“I’m sick of record labels coming in and saying, ‘We have the budget of $20,000 for the video, and we’ve put forward these four or five directors and here are their pitches,’ and they’ve got all these crazy ideas, like, ‘Yeah we’ve got a skate rink with a disco ball, and there’s gonna be loads of silver dancers on roller skates. And it’s gonna be all shot on three quarter frames at this shutter speed and you’ll be singing in the rain’, and all this crap. I can think of better ways to spend 20 grand. That for me is flying Connor everywhere and having the opportunity to document everything. And the acoustic videos are equally as important to me as the music video clips.”
“I’m not great at dancing around in a clip with silver roller skaters.”
On the topic of record labels, Churchill says: “I didn’t have as much creative freedom. It’s not as if they were forcing me to do anything, but I’m working with these people. If they had opinions and things they’d like to see, I’m gonna try to accommodate that.”
“It was nice to have all that guidance and help, but it started getting in the way of me making some art. I’ve gone out on my own, and I’m enjoying myself a hell of a lot more. I now enjoy making music more. I still love em and still keep in touch. There wasn’t any sense of hard feelings, they didn’t shelf me or take me for all I was worth or leave me with no money. Record labels are really becoming obsolete. It’s like having a bad relationship with the guy that ran the video store.”
Connor Rancan created this video for ‘After The Sun’:
Last year, something else that changed in his life was the loss of a band member. The Australian music industry was reeling when Sydney musician Luke Liang passed away. Liang played drums in Churchill’s band.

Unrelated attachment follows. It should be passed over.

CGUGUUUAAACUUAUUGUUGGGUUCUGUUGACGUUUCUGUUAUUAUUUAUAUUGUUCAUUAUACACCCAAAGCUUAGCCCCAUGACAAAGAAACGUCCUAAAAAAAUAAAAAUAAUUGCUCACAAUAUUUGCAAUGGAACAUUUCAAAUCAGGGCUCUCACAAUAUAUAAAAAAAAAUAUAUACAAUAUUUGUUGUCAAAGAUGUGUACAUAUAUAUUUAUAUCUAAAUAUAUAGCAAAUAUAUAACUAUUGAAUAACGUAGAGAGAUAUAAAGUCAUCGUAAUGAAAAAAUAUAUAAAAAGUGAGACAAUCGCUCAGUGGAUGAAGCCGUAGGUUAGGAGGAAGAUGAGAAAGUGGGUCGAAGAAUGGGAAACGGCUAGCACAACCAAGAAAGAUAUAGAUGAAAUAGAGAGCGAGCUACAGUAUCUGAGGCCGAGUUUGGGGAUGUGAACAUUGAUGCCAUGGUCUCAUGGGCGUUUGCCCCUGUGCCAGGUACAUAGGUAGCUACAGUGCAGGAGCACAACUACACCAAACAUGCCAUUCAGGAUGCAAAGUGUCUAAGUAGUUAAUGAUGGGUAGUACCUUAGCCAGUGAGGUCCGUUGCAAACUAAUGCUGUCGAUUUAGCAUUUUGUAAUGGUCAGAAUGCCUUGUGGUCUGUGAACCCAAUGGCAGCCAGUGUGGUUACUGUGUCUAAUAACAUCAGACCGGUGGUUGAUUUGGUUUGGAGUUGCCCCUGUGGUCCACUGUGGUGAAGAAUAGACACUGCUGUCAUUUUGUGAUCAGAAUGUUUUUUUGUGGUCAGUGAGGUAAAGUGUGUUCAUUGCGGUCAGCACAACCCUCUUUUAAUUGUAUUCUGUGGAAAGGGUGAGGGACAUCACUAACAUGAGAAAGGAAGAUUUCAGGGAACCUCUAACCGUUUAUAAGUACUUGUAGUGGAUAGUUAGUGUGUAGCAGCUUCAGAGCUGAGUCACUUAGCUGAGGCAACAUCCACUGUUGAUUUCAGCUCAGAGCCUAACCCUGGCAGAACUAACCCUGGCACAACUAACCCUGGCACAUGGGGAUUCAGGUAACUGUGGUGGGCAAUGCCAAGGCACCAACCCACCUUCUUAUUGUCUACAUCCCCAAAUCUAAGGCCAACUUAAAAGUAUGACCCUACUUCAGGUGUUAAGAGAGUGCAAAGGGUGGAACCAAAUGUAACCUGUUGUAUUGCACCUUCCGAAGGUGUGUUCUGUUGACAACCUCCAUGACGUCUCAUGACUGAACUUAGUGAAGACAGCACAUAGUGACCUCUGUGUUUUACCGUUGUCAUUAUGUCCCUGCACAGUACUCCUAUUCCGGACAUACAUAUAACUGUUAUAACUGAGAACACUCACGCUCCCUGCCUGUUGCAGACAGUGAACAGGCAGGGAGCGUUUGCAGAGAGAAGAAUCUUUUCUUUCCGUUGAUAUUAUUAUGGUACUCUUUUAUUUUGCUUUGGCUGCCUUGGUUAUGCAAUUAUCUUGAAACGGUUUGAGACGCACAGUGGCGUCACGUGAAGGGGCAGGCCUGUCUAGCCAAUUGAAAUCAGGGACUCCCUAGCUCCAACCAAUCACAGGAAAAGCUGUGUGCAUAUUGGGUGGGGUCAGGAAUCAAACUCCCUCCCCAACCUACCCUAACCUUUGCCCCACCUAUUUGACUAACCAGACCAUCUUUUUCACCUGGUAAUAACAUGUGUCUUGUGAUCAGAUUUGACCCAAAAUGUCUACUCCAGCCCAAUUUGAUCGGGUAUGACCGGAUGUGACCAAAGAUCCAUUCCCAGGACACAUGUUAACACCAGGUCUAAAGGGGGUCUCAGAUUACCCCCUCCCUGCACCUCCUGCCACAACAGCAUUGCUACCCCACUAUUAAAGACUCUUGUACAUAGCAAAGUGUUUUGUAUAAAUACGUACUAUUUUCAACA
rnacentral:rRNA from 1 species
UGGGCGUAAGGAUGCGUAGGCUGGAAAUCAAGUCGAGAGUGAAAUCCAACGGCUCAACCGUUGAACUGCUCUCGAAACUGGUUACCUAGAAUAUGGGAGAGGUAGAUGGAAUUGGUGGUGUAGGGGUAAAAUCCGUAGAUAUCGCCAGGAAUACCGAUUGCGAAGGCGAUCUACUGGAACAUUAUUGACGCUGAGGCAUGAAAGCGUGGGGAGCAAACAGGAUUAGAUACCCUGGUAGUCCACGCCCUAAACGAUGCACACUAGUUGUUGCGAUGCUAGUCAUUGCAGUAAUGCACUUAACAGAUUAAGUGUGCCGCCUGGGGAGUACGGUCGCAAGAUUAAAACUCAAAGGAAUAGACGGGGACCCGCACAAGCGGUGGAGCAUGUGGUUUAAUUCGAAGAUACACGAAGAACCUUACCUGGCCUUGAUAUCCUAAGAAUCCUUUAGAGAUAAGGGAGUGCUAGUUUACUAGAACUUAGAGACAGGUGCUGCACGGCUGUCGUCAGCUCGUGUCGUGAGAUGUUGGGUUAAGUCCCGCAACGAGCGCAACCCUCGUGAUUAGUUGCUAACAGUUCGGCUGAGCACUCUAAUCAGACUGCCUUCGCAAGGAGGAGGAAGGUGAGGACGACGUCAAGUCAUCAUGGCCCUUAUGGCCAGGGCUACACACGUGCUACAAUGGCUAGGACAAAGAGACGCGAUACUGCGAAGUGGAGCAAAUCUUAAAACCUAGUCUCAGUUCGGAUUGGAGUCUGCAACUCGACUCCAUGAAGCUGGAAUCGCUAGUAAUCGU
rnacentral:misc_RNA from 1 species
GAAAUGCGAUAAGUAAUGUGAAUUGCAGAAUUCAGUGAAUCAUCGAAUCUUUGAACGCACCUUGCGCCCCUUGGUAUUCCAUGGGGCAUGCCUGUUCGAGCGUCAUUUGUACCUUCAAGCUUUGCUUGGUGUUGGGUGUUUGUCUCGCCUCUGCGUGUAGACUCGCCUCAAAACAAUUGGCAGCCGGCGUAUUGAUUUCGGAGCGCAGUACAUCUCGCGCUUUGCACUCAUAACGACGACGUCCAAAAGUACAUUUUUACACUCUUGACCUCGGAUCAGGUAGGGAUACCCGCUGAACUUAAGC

“Last year, my drummer committed suicide, which was very tragic, for a lot of people. He played in a lot of bands. Quite a few artists have stripped back their show, because they just can’t bear the thought of replacing him. Alex the Astronaut has gone back to a solo show, among others.”
With this in mind, Churchill was tasked with the idea of trying to translate his previously band supported music, into a solo live experience. “Just me, my guitar, a kick drum, a harmonica and a tambourine. There are also bass amps, guitar amps and all kinds of things to make it massive-sounding. I’m working pretty hard on that show. Instead of having other musicians on stage with me, I’m working with a really great lighting engineer who’s gonna really create a phenomenal lighting show. It’s a busking gig on steroids.”
For now, Churchill is lapping it up in a Kombi van, and travelling up and down Great Ocean Road. “I’ve got this awesome hook up on the Great Ocean Road right now. This company that restores old Kombi vans have let me have one whenever I want. So now, I’m kind of disappearing onto the Great Ocean Road with a Kombi, and that’s where I’m writing a lot, and surfing too.”
“My life is probably 80% music. I probably spend five to 18 hours a day on it in some way or another.”
Soon, Churchill will embark on his tour across the country. This tour will see him play key capital cities and centres across Australia. Tickets are on sale now. Kim Churchill’s latest EP I AM is out now.
KIM CHURCHILL ‘AFTER THE SUN’ TOUR
For complete tour and ticketing info, visit: kimchurchill.com
Friday 7 June
Oxford Art Factory, Sydney NSW
Saturday 8 June
Wooly Mammoth, Brisbane QLD
Saturday 15 June
Howler, Melbourne VIC
Friday 21 June
Lion Arts Factory, Adelaide SA
Saturday 22 June
Jack Rabbit Slim’s, Perth WA